What the season apparently meant to Queenslanders was evident by the piles of fake snow, strings of bright lights and plywood sleds replete with papier-mache reindeer and a Santa in a thick red coat. It’s no better in New Zealand, because the core problem is that we celebrate Christmas in entirely the wrong season.
Christmas is known as Yule in Northern Europe, from where we inherited the cultural tradition. The Yule festival is celebrated at the same time of the calendar, which is of course the middle of winter in Northern Europe. The reason why this festival evolved in the cultures of the North is because, on the 24/25th of December in the Northern Hemisphere, the Sun noticeably begins to climb from the nadir it reached a few days previously at the Winter Solstice.
This means that Christmas has a spiritual meaning that makes perfect sense to a Northern European in late December: the time of peak darkness has passed, and now light returns to the world. This is why the Yule festival is characterised by lights. The lights symbolise the human spirit that burns brightly in even the darkest times. And now that the darkest times are over, it’s time to rejoice.
The reason why Christmas is the “season of good cheer” is precisely because it represents a point in the natural cycle of the seasons at which the most difficult period, as measured by length of the day, has been overcome. It’s also the natural time for people to come together because it is very cold. Coming together in the cold to celebrate the return of the light in the days after the Winter Solstice has probably been a tradition for thousands of years before Abrahamism came to Europe and called the festival Christmas.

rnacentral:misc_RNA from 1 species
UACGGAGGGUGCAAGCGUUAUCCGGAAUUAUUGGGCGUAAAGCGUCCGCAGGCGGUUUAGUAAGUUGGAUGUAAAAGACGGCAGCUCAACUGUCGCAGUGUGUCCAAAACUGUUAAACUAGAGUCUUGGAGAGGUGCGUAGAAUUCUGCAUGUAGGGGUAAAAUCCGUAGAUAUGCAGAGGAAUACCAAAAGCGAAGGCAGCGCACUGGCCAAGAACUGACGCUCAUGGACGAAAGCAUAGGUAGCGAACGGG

Therefore, celebrating Christmas in the middle of summer playing cricket and drinking cold drinks at the beach while stinking of sunscreen makes no sense at all. If anything, midsummer is a time of mourning in the European North.
Likewise Easter. The reason why we celebrate Easter with chocolate rabbits even today is because Easter is a fertility ritual (the word Easter is connected to the word estrogen, the female fertility hormone, and is celebrated at the full moon, the Moon being also a symbol of the feminine).
Celebrating a fertility ritual in early April makes sense if you live in the Northern Hemisphere. It is, after all, the advent of spring there, and after a long and dreary winter people are coming outside again and noticing how nice the girls look with less clothing in a bit of sunlight, especially if you’ve just spent a long winter with nothing but your sisters, mother and grandmother for company. In Northern Europe this is still commonly celebrated with a dance around the maypole (although this happens on Midsommar in Sweden and not early May), an obvious phallic symbol.
Halloween is another example that makes no sense. Although this is not a public holiday and is not likely to be, the theme of it suits the Northern Hemisphere and not the South. The last day of October is also about six weeks after the Autumn Equinox in the Northern Hemisphere, and therefore marks the day when the warmth begins to follow the light into the depths of winter.
This is why it is themed with symbols of death and foreboding. The point of the ritual is to treat the small death of winter as something fun and light-hearted, in order to lessen the sorrow one feels towards one’s inevitable big, and final, death. One enjoys Halloween to the degree that one is unafraid of death – this is why it is usually celebrated mostly by the young and by the old.